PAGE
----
Last week, Dr. Christine Blasey Ford came forward to accuse Brett Kavanaugh of sexual misconduct when the two of them were in high school.
Studies show that only 1 in 3 sexual assaults are reported and that commonly, victims delay reporting for a variety of factors connected to psychological and neurobiological reactions to their trauma. In interviews with survivors, the following are regularly reported reasons for which they were hesitant.
Once speaking out, victims routinely face scrutiny and encounter barriers.
“I have no doubt that, if the attack on Dr. Ford was as bad as she says, charges would have been immediately filed with local Law Enforcement Authorities by either her or her loving parents. I ask that she bring those filings forward so that we can learn date, time, and place!” – Donald Trump tweeting in response to Ford’s allegations.
Victims often fear retaliation.
“I’ll listen to the lady, but we’re going to bring this to a close,”- Senator Lindsay Graham in an interview about Ford’s willingness to testify in front of the Senate Committee.
Victims may struggle to remember precise details or experience negative feelings when they do so.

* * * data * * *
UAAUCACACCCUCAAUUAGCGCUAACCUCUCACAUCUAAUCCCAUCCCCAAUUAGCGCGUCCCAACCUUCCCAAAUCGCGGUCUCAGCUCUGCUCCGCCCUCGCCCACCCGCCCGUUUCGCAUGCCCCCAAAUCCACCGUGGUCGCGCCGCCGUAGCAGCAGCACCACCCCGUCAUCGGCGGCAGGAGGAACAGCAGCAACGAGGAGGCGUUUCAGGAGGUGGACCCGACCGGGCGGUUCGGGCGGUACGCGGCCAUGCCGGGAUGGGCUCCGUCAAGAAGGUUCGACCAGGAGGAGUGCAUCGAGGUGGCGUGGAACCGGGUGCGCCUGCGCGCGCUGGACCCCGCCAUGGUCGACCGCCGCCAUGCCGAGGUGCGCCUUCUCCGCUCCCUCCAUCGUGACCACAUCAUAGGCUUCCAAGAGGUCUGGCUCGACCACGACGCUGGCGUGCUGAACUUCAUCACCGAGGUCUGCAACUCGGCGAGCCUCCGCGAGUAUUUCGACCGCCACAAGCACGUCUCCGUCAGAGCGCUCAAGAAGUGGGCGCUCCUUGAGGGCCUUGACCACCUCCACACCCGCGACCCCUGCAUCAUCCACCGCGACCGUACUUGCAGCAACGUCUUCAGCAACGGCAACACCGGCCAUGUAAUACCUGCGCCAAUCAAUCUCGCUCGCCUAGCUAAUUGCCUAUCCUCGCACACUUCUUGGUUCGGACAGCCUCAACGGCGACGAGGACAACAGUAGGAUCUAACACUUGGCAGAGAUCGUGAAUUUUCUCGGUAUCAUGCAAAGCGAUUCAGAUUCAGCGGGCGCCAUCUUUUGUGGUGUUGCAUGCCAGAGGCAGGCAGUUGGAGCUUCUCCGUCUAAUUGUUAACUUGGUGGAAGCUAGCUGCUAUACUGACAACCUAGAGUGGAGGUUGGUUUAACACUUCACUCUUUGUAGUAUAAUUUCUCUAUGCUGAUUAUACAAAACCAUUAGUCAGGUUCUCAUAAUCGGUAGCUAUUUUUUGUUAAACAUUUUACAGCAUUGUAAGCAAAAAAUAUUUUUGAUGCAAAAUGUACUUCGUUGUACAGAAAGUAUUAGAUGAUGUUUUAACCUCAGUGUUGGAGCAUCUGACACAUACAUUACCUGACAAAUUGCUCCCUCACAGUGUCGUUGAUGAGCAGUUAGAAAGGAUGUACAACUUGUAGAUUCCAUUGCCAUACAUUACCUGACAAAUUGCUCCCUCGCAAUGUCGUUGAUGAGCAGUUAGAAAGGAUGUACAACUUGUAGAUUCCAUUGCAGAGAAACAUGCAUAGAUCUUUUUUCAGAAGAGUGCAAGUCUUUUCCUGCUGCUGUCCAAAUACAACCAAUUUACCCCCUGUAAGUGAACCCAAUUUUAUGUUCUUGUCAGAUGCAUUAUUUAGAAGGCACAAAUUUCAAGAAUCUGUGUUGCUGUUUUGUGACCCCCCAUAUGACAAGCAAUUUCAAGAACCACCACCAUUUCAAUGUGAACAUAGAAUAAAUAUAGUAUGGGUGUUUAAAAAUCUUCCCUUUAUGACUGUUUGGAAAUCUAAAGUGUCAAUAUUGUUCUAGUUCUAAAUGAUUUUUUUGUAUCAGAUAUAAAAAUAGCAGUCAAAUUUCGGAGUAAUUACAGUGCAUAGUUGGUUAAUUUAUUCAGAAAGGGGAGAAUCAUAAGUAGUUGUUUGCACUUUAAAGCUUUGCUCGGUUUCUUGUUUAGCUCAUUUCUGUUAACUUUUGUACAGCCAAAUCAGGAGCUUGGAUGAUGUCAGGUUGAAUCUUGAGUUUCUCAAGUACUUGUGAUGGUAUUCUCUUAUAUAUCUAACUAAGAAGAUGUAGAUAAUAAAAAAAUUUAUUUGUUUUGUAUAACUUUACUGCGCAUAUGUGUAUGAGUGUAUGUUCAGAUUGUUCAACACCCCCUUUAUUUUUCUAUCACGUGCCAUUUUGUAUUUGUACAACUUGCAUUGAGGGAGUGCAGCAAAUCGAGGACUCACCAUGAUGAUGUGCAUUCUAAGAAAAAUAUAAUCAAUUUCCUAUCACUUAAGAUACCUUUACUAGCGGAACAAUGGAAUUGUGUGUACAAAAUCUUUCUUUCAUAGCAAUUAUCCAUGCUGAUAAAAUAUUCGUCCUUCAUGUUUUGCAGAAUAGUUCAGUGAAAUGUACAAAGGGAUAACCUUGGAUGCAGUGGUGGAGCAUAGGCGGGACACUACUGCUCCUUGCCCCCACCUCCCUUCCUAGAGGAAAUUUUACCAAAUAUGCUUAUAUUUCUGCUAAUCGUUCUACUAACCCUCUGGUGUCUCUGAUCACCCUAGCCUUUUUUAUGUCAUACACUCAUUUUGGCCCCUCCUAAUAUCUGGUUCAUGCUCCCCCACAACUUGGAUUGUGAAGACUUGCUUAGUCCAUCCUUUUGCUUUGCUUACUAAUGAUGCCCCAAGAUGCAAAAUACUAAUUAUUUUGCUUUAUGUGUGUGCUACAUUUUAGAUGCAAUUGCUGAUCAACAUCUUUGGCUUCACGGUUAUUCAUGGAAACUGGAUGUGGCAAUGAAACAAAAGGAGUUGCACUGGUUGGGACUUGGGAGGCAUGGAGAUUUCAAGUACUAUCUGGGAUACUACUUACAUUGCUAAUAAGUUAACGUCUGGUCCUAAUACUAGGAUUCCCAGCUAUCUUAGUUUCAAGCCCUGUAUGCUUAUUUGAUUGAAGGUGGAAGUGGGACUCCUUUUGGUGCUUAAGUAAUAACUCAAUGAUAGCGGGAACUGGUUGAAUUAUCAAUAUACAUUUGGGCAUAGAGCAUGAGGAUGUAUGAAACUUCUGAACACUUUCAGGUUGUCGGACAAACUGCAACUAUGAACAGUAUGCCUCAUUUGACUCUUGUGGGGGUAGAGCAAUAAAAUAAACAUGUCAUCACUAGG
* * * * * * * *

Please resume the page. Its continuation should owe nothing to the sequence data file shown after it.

“I think this woman, whoever she is, is mixed up,”- Senator Orin Hatch in speaking about Professor Ford.
They often feel beholden to ingrained gender inequality and are fearful of reprisal from a culture dominated by boy’s club loyalty.
“I mean, I can’t imagine the horror of being accused of something like this,”- Senator Bob Corker speaking in solidarity with Judge Kavanaugh.
Many women come to believe their experience is not important enough to report.
“We got a little hiccup here with the Kavanaugh nomination, we’ll get through this and we’ll get off to the races,” Senator Dean Heller referring to Ford’s allegations. - Maureen Post
We believe women. And we recognize that 27 years after Anita Hill, the context of today looks all too much the same.
We urge you to pick up your phone and call your senators. 202-224-3121
Photo Credit : Wikimedia Commons